“Today, the fires continue to burn out of control, power and cell service is spotty and access around Sonoma County is still highly restricted. With more than 90% of the winegrape harvest completed in Sonoma County, many growers in safe zones are heading out today to begin picking the remainder of their crops provided they can get their grapes to their winery destination. In fact, some Chardonnay, likely the last to be picked in Sonoma County this year, was harvested this morning in the Russian River Valley and I am pleased to report the grapes were of excellent quality and were able to get to a winery in Napa Valley. On a positive note, given how late it is in the season, the concern of smoke taint on the grapes currently on the vine is low. This assessment would be much different had the fires occurred in late July or early August.

We have only confirmed that Paradise Ridge Winery in Santa Rosa has been destroyed. We have been unable to obtain accurate updates from Sonoma Valley as most of that area is still under evacuation orders. Please know that the Sonoma County wine community has been overwhelmed with the positive thoughts, prayers and support we have received from across the county and around the world. It gives us the strength to stand strong and know our communities will survive.”
Here is my report on the fires from earlier today. Again, watch for updates at CapitalPress.com.

Welcome back, drought? Very little rain on horizon

As Californians yearn for relief from fires and smoke, very little in the form of rainfall appears on the horizon. According to AccuWeather's long-range forecast, the first serious chance of rain that the Redding area will see is on Oct. 19, then showers could return on Nov. 1. But these don't appear to be big storms, and long-range forecasting is iffy in any event.

Here's the latest outlook from the National Weather Service:
A cool upper low system will continue a downward trend of temperatures through Thursday. Gusty north winds will increase today continue through Thursday over the Valley, but will not be as strong as seen with the past weekend event. Dry conditions and the northerly winds will bring critical fire weather conditions from this afternoon through Thursday afternoon, so a Red Flag Warning is in effect for that period. Northerly winds will occur at times through the weekend creating continued fire concerns, most likely Friday night into Saturday.

Impacts
Rapid spread of fire
Gusty winds will blow debris and loose objects today & Thursday
Smoke will bring local visibility and air quality issues

Forecast Confidence
High for dry conditions
High for late week temperature change
High for return of gusty north winds on Wednesday & Thursday

Timing and Strength
Red Flag Warning for a large portion of interior Northern California this afternoon through Thursday
Winds not as strong as the Sunday event
Cooling temperature trend through Thursday
Northerly winds increasing in the Valley and surrounding foothills, peaking late today, breezy through Thursday
10-20 mph with gusts to 35 mph
My story on the Napa and Sonoma fires' impact on the wine industry is up. For further updates on the fires, keep checking CapitalPress.com.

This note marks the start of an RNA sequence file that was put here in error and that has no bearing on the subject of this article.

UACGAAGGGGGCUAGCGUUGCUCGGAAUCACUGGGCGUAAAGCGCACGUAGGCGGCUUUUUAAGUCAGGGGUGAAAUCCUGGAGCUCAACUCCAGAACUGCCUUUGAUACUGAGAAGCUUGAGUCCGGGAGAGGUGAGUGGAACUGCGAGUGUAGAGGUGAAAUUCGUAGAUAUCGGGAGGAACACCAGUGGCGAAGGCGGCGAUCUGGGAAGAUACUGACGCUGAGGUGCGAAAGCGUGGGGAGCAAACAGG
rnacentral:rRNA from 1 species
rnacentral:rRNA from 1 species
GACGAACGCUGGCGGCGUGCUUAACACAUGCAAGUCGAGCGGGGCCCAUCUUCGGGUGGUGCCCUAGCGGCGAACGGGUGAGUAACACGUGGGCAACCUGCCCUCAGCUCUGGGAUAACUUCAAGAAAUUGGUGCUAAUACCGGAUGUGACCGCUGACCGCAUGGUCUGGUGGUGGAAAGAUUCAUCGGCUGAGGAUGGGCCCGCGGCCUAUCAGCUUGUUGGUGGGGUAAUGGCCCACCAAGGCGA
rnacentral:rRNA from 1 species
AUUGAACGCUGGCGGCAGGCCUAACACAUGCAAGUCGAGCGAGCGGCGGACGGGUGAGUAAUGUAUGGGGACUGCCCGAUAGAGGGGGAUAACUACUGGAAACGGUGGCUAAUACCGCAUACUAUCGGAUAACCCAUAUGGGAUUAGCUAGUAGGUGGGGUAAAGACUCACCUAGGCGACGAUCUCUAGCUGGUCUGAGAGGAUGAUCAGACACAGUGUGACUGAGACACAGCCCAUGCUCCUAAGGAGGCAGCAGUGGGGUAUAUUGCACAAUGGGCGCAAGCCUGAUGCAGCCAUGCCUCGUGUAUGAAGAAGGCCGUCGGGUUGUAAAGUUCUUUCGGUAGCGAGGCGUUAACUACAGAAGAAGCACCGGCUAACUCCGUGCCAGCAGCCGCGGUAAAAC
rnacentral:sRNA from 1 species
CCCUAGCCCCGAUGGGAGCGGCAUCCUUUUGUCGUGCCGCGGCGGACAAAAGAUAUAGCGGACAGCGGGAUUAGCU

Monday, October 9, 2017

Sonoma wineries report damage from 'devastating' wildfire

Here is a statement I just received from Karissa Kruse, president of Sonoma County Winegrowers:
“It has been a devastating fire. At this time, we are still assessing the specific damage to Sonoma County vineyards as well as to our communities and neighbors. Reports of fire damage to wineries, businesses and homes continues to grow. While 90% of the winegrapes have been harvested, there were still grapes in the vineyards that were scheduled to be picked in the next ten days. At this time we have no information on specific crop damage. Our top priority right now is the health and safety of our first responders, families, employees, volunteers and everyone impacted by these wildfires. We are continuing to closely monitor the situation, but we are very proud of how our community is already coming together to support each other in this time of crisis.”
Here is the updated story from AP. The San Francisco Chronicle has a report on the wine industry specifically. For further updates on the fires and their impacts on agriculture, check back at CapitalPress.com.

Fire weather critical as eight California counties burn


From the National Weather Service:
Dry conditions and north winds will continue to bring critical fire weather conditions to much of interior Northern California today. Winds will decrease throughout the day today. A large upper low system will continue a downward trend of temperatures through late this week. Gusty north winds will return Wednesday & Thursday over the valley. Dry conditions will remain through the week creating possible return of fire concerns with the increased winds.

Impacts
Rapid spread of fire
Gusty winds will blow debris and loose objects Wednesday & Thursday

Forecast Confidence
High for dry conditions
High for late week temperature change
Medium for return of gusty north winds on Wednesday & Thursday

Timing and Strength
Red Flag Warning for a large portion of interior Northern California today
Many fire starts overnight
Cooling temperature trend today through next Friday
Northerly winds increasing in the valley Wednesday & Thursday
10-25 mph with gusts to 35 mph
The weather update comes as over 57,000 acres in eight counties are burning after high winds ignited fires last night. I have about a dozen calls and emails out to check agricultural impacts, particularly in Napa and Sonoma counties, where fires have burned through resorts, million-dollar homes and shopping centers. The wine industry there is in the middle of harvest, so evacuations would halt their operations.